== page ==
Sammy is the Managing Director and Cofounder of Blossom Street Ventures. Email him directly at email@example.com, especially founders.
It’s common to hear “SaaS has great margins,” but that’s not true. The margins in SaaS are terrible as the data below show. The table has 42 publicly traded SaaS companies with median revenue of $180mm meaning they’re well past the startup stage and margins should benefit from their scale and maturity. However, even though they’re past the high burn growth stage, the median operating margin is -21% as 32 of the 42 companies generate operating losses.
Additionally while the variable costs of SaaS are very low (hosting, servers, etc), the fixed costs are very high, especially for engineering talent and developers. Given the speed at which technology becomes obsolete, the hiring of engineering/dev talent never really ends as each company has to constantly improve and evolve its product. Even worse, the fixed costs are all human talent, making cost cuts/layoffs really painful for morale, culture, and productivity of other personnel.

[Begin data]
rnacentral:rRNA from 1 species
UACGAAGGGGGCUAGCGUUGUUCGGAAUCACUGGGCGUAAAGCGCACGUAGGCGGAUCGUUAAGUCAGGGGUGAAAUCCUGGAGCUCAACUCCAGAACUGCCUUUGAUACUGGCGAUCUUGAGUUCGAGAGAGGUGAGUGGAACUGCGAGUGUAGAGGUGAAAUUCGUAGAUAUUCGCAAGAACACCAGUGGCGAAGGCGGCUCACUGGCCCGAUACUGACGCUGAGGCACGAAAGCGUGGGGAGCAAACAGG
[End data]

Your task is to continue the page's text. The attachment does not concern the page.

Investors love SaaS businesses because so long as you’re retaining the customer, the revenue is basically an annuity and in many cases a source of growth (when customers upgrade more often than they downgrade). Additionally, for mission critical software, recession resilience tends to be very high (we saw this in 2008 and 2020). If customer acquisition costs can be held within reason and retention is strong, the business will eventually be profitable, and large. By way of example, the average and median operating margins for the profitable companies above is 14% and 11% respectively. Ok margins, but not great.